Did you know you can go whale watching, wake boarding, coaststeering and blokarting in Ireland? Amazed and bewildered, I didn't even know what some of these activities were, let alone think that you could do them here at home. That was then, '30 Irish Adventures' later and I'm hoping to do all four and more.

When I first picked up this book I was eager to find out all of the info on offer about adventures in Ireland. I'd uncovered a few over the last couple of years and was eager to uncover more. Within a couple of minutes though that excitement changed to envy as I realised that first-time author Padraic Woods had not only lived the dream but had been paid to do it. Woods travelled the length and breadth of the country in search of 30 unforgettable adventures... all in the name of research.

As with all the best ideas, you wonder why no one thought of it before. Or, more honestly, why you didn't think of it yourself!

'30 Irish Adventures' is a 192-page description of numerous, year-round activities on offer in Ireland. It includes over 100 great pictures, most of which the author-come-amateur photographer took himself.

Whether you're looking for info on climbing the highest mountain in Ireland, kayaking along the most isolated islands, surfing along stunning beaches, mountain boarding or simply like the idea of getting active, this is an ideal guide.

What separates this travel account from the pack which includes Rough Guides, Lonely Planets, Eye Witnesses or Open Roads, is that it's specifically for adventure enthusiasts, both Irish and international. It doesn't target any specific age, nor is it focused on adrenaline junkies.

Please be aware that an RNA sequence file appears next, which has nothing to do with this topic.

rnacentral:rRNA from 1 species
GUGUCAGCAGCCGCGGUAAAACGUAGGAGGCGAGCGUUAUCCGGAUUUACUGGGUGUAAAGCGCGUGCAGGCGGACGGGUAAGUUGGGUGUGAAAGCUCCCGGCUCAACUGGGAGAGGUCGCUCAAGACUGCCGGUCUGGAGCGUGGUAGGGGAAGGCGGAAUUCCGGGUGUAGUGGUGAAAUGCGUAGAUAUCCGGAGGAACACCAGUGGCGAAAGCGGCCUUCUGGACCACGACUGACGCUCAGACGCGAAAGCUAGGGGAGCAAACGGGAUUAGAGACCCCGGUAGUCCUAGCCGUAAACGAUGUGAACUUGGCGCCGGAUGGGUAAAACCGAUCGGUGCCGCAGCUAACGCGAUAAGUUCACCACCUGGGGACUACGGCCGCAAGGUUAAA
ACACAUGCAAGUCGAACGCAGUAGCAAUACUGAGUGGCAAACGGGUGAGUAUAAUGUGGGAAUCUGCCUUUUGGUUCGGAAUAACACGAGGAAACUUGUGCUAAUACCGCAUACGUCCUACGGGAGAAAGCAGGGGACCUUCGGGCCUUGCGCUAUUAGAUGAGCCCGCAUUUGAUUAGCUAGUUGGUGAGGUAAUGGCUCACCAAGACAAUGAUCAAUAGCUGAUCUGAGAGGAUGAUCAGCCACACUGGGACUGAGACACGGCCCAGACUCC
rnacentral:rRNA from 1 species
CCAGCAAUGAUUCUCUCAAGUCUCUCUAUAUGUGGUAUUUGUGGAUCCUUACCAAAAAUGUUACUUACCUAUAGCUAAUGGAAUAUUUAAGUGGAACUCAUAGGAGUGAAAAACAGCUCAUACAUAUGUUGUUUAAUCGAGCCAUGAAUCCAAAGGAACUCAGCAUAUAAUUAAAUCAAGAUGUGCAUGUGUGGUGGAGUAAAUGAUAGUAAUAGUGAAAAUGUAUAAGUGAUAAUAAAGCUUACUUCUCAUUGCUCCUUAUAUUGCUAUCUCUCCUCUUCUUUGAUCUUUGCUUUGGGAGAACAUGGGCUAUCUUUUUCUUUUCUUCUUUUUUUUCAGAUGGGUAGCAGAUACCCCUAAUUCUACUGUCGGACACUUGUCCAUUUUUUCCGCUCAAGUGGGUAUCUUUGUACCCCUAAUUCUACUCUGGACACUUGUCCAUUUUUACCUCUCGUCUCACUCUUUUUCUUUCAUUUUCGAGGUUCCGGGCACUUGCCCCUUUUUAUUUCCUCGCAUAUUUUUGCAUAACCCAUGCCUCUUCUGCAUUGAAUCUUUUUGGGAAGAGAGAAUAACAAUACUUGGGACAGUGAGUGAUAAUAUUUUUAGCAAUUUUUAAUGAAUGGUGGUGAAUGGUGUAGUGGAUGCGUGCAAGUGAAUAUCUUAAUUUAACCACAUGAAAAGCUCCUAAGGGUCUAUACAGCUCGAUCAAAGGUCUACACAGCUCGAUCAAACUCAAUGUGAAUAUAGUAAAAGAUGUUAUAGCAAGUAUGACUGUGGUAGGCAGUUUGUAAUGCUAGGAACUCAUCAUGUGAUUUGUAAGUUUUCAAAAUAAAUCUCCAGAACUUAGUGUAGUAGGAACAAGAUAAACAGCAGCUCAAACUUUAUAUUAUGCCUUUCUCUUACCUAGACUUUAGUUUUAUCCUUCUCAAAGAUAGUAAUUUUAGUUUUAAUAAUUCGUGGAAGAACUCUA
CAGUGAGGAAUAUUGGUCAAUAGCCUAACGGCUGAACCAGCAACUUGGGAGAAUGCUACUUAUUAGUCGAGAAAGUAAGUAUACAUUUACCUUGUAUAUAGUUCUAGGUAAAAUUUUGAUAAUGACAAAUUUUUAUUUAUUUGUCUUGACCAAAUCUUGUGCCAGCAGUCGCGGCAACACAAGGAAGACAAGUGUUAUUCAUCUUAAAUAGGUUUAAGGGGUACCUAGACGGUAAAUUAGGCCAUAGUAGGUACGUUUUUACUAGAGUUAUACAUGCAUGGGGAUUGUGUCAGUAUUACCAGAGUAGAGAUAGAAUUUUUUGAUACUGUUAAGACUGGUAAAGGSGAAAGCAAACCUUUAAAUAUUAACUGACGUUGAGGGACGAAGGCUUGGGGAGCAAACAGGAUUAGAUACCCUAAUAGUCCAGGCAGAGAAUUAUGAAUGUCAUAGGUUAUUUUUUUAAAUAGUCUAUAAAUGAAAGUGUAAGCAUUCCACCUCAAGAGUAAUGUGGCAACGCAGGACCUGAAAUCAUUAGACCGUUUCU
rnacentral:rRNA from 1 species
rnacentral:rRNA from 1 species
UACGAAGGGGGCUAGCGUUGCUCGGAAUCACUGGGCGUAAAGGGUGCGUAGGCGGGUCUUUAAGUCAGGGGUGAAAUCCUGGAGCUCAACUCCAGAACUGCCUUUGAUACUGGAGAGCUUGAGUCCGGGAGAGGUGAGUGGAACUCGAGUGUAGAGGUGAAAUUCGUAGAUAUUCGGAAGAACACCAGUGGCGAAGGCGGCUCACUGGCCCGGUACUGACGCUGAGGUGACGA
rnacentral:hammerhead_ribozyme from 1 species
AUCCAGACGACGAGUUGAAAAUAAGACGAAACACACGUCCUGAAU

This handy, straight-up reference guide has activities to cater for every budget, ability and pace. No anecdotes, no messing – it's a good quality guide with information including booking details, advice, accommodation tips, websites and weather pointers.

There are a couple of things that Woods and co can improve on second time around (I think they should, and have a feeling they will, go again): Firstly, there is a distinct lack of maps. There are seven in total and there should be at least one per location or adventure - this is Ireland and until our road signage improves, up to date maps are essential. A little more personality and feedback would go a long way.

Another drawback, which could turn out to be a plus for Woods, is that the book is packed with pricing and accommodation details which will date quickly. Unless... the book morphs into an annual or better still a website.

Originally from Durrow, Co Laois, Woods is based in Norway where he co-owns, funnily enough, a software company so needless to say there's a cracking website to accompany the book (www.30irishadventures.com).

In addition to a wide array of Irish travel books, there is a currently a vast selection of websites on offer but they are very specific, often focusing on one certain event, activity or location. What's missing, and here's where Woods could fill the gap, is an all-encompassing site, where you can research an activity break, book everything and get detailed directions. The more I write, the more I think he either owes me a big commission or this was his plan all along and it’s a good one.

Most of the adventure accounts are written by Woods and the rest were penned by his sister. The Woods style is direct, to the point and without much superfluous text. If it's humorous accounts you're after, then stick to Tony Hawks' 'Round Ireland with a Fridge' but for a one-stop-shop guide to the best action adventures in Ireland, this is it.

Taragh Loughrey-Grant